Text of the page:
Indian housing project for the war-hit Tamils in Jaffna progressing slowly

An official of Hindustan Prefab explaining to Foreign Secretary Ranjan Mathai the progress on the pilot housing project for the rehabilitated Tamils at the project site in Palai on Sunday. Behind Mr. Mathai is Indian High Commissioner to Sri Lanka Ashok K. Kantha. Photo: R.K. Radhakrishnan  

In just over a year, Jaffna peninsula has seen the visit of two Foreign Secretaries to the sites of a prestigious Indian housing project. In more than a year, a mere 52 of the 1,000 houses meant for the war-affected Tamils have been built. A total of 50,000 houses are to be built.

The new Foreign Secretary, Ranjan Mathai, and Indian High Commissioner to Sri Lanka Ashok K. Kantha impressed upon the project management consultant Hindustan Prefab and the contractors to expedite work on the project. The contractors have faced a plethora of problems, and the peculiar nature of the project — built with heavy inputs from the beneficiaries — added to the time-lines going haywire.

Mr. Mathai and Mr. Kantha interacted with a few beneficiaries at the site. One of them pointed out that the kitchen did not have a chimney vent — a point that Mr. Mathai raised the moment he walked into a model house a little while earlier — and the fact that they had to walk a long distance to the community well. They said they would be very happy if they get piped water supply. “The house is good. We don't have complaints except the vent,” said one of them.

While progress on the housing scheme left much to be desired, the two other projects that Mr. Mathai visited — the northern railway construction being handled by Indian public sector company IRCON, and the wreck removal project at the Kankasanthurai harbour — were progressing ahead of schedule.

India will expedite the process of giving sanction to remove the additional four wrecks at the Kankasanthurai harbour, Mr. Mathai said.

Initially it was found that there were six wrecks to be removed, four inside and two outside the harbour. Recently, four additional wrecks have been found. Earlier, the government of India, through the Shipping Corporation of India, had awarded a contract for removal and disposal of six wrecks at KKS harbour to Resolve Salvage and Fire (Asia) Pvt. Ltd, Singapore, at a total cost of $19 million (SLRs 2.18 billion).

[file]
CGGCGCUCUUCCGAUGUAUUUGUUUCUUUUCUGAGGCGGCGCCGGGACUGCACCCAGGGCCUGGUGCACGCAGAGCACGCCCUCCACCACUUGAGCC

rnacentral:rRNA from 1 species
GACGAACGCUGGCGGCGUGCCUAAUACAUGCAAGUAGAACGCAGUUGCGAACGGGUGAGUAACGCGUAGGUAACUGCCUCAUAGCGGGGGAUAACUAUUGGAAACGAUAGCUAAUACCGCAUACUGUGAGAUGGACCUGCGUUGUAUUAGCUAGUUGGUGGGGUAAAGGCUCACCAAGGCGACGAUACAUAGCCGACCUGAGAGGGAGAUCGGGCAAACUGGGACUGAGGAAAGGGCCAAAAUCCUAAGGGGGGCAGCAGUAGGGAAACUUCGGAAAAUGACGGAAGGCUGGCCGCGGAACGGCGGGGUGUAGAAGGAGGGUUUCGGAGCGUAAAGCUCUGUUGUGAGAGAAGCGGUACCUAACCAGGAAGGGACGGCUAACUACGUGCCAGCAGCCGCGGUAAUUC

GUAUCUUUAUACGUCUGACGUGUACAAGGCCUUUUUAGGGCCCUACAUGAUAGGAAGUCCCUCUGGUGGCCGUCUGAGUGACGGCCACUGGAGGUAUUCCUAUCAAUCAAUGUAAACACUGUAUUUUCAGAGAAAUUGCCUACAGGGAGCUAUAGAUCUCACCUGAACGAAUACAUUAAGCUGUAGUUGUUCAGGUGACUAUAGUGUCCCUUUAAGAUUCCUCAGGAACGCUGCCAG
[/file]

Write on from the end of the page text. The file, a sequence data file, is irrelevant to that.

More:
At a presentation at the KKS harbour, representatives of the firm, Resolve Salvage, requested that the process of sanction for additional wreckages be expedited so that they could complete the work early.

Six stages

The Kankesanthurai Harbour rehabilitation project includes six stages — Preliminary Hydrographic Survey, geotechnical investigations and preparation of Detailed Project Report, Wreck removal and disposal, dredging, rehabilitation of breakwater/pier and construction of new pier with attendant port facilities and Final Hydrographic Survey and preparation of Harbour Chart.

The Preliminary Hydrographic Survey has already been completed in June-July 2010 as part of the preparation for this project. The contract for Geo-technical and Geo-physical studies and preparation of Detailed Project Report (DPR) has been awarded to RITES Ltd of India. These studies are in progress.


The dredging of the harbour will be undertaken by the Dredging Corporation of India (DCI). Rehabilitation of breakwater/pier and construction of new pier with attendant port facilities will be undertaken in accordance with the approved DPR, which is being prepared by RITES. Final Hydrographic Survey and preparation of Harbour Chart will be taken up as the final stage of work.

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Printable version | Jan 26, 2022 11:32:58 PM |

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